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AAPS PharmSci. 2000;2(3):E29.

Assessing the cost-effectiveness of pharmacogenomics.

Author information

1
Pharmaceutical Outcomes Research and Policy Program and Public Health Genetics Program, University of Washington, Department of Pharmacy, Seattle, WA 98195, USA. veenstra@u.washington.edu

Abstract

The use of pharmacogenomics to individualize drug therapy offers the potential to improve drug effectiveness, reduce adverse side effects, and provide cost-effective pharmaceutical care. However, the combinations of disease, drug, and genetic test characteristics that will provide clinically useful and economically feasible therapeutic interventions have not been clearly elucidated. The purpose of this paper was to develop a framework for evaluating the potential cost-effectiveness of pharmacogenomic strategies that will help scientists better understand the strategic implications of their research, assist in the design of clinical trials, and provide a guide for health care providers making reimbursement decisions. We reviewed concepts of cost-effectiveness analysis and pharmacogenomics and identified 5 primary characteristics that will enhance the cost-effectiveness of pharmacogenomics: 1) there are severe clinical or economic consequence that are avoided through the use of pharmacogenomics, 2) monitoring drug response using current methods is difficult, 3) a well-established association between genotype and clinical phenotype exists, 4) there is a rapid and relatively inexpensive genetic test, and 5) the variant gene is relatively common. We used this framework to evaluate several examples of pharmacogenomics. We found that pharmacogenomics offers great potential to improve patients' health in a cost-effective manner. However, pharmacogenomics will not be applied to all currently marketed drugs, and careful evaluations are needed on a case-by-case basis before investing resources in research and development of pharmacogenomic-based therapeutics and making reimbursement decisions.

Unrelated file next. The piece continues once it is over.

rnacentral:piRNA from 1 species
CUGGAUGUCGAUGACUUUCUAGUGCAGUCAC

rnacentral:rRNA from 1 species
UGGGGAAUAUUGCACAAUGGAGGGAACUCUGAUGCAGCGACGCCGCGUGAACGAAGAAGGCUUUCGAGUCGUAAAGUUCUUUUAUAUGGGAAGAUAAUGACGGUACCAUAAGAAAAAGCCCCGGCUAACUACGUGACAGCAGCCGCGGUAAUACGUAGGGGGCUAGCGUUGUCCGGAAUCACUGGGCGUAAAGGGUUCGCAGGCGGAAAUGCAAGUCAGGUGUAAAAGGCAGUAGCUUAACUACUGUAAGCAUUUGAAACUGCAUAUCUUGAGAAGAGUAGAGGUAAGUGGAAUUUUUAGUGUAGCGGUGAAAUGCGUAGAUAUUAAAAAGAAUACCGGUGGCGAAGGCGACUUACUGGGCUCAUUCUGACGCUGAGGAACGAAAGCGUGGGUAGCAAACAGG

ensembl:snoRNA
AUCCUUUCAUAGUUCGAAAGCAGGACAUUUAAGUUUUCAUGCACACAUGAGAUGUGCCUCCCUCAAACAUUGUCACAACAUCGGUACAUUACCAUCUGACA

PMID:
11741245
PMCID:
PMC2761139
[Indexed for MEDLINE]
Free PMC Article

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